Today America Marks The 47th Anniversary Of Roe v. Wade, But Experts Warn The Supreme Court Ruling Might Not Make It To 50

For abortion rights activists across the country, Wednesday's 47th anniversary of Roe v. Wade, the landmark Supreme Court ruling that established the right to abortion in the United States, comes as bittersweet.

While the protections afforded by the 1973 ruling are something to celebrate, Mary Ziegler, a professor at Florida State University's College of Law who specializes in the legal history of reproduction and the Constitution, told Newsweek, any celebrations of Roe v. Wade feel overshadowed this year by the possibility that the ruling may soon be overturned.

"I think about the anniversary every year. Most years, people are looking back at what the legacy has been," Ziegler said. This year, however, "there are genuine concerns about the long-term future" of Roe.

"So, instead, of taking stock of the legacy and people talking about it's legacy being good or bad, it's more about the future being uncertain," Ziegler said.

The uncertainty around the future of Roe, of course, is pinned on the Supreme Court's five-justice conservative majority following the confirmation of Justice Brett Kavanaugh, who joined the court despite his bid being mired in controversy by allegations of past sexual misconduct.

In the months following Kavanaugh's confirmation, Ziegler said, "I would have given [Roe] at least five years." However, with recent efforts across the country to try to push anti-abortion legislation forward, the reproductive rights expert said "it may be that Roe doesn't make it to 50."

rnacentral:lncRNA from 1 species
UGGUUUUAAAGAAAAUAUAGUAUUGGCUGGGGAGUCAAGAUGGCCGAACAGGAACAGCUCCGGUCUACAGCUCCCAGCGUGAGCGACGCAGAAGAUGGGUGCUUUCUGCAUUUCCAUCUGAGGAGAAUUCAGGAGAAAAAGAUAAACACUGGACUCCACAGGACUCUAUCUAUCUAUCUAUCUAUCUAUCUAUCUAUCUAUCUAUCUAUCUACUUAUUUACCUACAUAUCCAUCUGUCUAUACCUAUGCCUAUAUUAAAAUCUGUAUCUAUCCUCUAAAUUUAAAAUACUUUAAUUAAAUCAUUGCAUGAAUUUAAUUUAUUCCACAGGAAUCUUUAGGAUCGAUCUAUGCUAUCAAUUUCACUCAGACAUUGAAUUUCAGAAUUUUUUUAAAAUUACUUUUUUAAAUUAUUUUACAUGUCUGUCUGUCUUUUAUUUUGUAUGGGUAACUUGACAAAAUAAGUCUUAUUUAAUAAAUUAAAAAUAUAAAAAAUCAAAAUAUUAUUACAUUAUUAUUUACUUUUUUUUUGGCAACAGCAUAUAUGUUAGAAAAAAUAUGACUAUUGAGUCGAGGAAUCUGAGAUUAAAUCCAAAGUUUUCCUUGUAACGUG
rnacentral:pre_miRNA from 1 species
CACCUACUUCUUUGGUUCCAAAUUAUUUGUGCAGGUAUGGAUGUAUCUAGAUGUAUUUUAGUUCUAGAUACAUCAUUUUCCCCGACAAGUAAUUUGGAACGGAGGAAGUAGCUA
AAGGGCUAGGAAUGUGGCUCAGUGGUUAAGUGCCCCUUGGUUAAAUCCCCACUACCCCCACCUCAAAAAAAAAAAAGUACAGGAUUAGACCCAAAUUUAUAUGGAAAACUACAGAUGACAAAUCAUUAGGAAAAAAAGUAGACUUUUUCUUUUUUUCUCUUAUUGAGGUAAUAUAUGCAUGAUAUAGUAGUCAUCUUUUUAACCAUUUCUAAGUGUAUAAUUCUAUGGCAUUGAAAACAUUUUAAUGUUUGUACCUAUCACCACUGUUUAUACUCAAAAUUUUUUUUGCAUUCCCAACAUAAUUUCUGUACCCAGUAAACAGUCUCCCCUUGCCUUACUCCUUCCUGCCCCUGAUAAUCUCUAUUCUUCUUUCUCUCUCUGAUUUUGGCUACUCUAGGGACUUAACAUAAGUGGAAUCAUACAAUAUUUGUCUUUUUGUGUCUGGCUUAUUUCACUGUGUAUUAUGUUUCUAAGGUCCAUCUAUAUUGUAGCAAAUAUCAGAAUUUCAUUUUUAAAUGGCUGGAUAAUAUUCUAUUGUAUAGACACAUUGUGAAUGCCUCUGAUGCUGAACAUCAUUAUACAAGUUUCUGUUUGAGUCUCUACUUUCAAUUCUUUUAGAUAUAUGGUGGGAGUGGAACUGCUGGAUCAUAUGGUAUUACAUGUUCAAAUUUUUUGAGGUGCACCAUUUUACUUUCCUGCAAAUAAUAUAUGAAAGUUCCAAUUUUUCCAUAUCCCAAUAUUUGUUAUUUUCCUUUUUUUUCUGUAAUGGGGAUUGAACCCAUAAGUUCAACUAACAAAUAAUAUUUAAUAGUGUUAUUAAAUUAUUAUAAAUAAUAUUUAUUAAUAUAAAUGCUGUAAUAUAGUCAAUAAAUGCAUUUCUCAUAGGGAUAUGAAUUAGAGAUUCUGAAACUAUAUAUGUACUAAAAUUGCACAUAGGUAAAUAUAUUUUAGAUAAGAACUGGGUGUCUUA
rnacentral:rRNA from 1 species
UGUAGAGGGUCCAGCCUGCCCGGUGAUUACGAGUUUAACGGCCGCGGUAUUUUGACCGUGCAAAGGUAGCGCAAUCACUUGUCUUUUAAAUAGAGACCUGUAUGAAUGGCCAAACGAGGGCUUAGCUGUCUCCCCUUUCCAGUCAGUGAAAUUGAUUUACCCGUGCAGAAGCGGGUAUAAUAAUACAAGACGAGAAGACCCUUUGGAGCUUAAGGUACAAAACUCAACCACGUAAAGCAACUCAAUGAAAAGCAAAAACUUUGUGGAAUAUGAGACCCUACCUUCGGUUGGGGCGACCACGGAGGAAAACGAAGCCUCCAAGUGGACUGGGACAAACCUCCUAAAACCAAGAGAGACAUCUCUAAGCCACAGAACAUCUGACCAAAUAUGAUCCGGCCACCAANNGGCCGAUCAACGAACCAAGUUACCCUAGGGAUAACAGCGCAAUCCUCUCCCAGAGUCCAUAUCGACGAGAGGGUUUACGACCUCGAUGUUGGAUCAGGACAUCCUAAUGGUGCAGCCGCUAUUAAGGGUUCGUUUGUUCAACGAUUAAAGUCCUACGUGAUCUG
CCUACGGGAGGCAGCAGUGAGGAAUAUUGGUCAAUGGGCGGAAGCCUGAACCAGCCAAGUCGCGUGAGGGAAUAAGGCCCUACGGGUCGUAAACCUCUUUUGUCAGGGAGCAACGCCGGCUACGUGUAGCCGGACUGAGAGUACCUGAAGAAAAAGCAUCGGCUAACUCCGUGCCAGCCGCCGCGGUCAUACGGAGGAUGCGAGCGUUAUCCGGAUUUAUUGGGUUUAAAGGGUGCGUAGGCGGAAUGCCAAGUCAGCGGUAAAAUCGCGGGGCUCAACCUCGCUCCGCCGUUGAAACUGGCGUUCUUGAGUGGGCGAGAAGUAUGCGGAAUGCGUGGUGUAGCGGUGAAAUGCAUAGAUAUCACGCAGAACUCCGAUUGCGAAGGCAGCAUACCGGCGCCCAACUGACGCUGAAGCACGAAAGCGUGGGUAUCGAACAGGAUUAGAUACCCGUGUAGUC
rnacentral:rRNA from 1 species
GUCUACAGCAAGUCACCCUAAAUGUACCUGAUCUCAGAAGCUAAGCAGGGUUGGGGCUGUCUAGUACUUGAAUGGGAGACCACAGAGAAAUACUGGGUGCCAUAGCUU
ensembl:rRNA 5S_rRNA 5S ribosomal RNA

'The closing of a chapter'

If Roe were to be overturned, however, Ziegler and other experts have said that would not necessarily spell out the end for protections for abortion access.

However, that responsibility, the Florida professor said, would fall to individual states, if were the Supreme Court ruling were to be overturned.

"If Roe is overturned, it's the closing of a chapter," Ziegler said. "But, it's just as much the beginning of an important story."

"If the U.S. Supreme Court overturns it, that wouldn't be the end of the debate," she said.

The argument is one that other reproductive rights advocates have made, with Andrea Miller, the president of the National Institute for Reproductive Health, recently telling Newsweek that losing Roe does not mean the battle for protection of abortion rights is lost.

"The Supreme Court matters. It matters a lot," Miller said, speaking to Newsweek earlier this month. "But, it does not have the ultimate last word." At the end, she said, that power will lie with states, which, in a world without Roe, would have more power to "do harm" or to "do good."

Over the past year, states across the country have raced to introduce new legislation that would either strengthen or weaken abortion access in the event that Roe is overturned by the Supreme Court.

'Patchwork of access'

While states like Alabama have sought to enforce stringent restrictions to abortion care, a study published by the NIRH found that there were also "a record 147 bills" seeking to protect and expand reproductive freedom in 2019."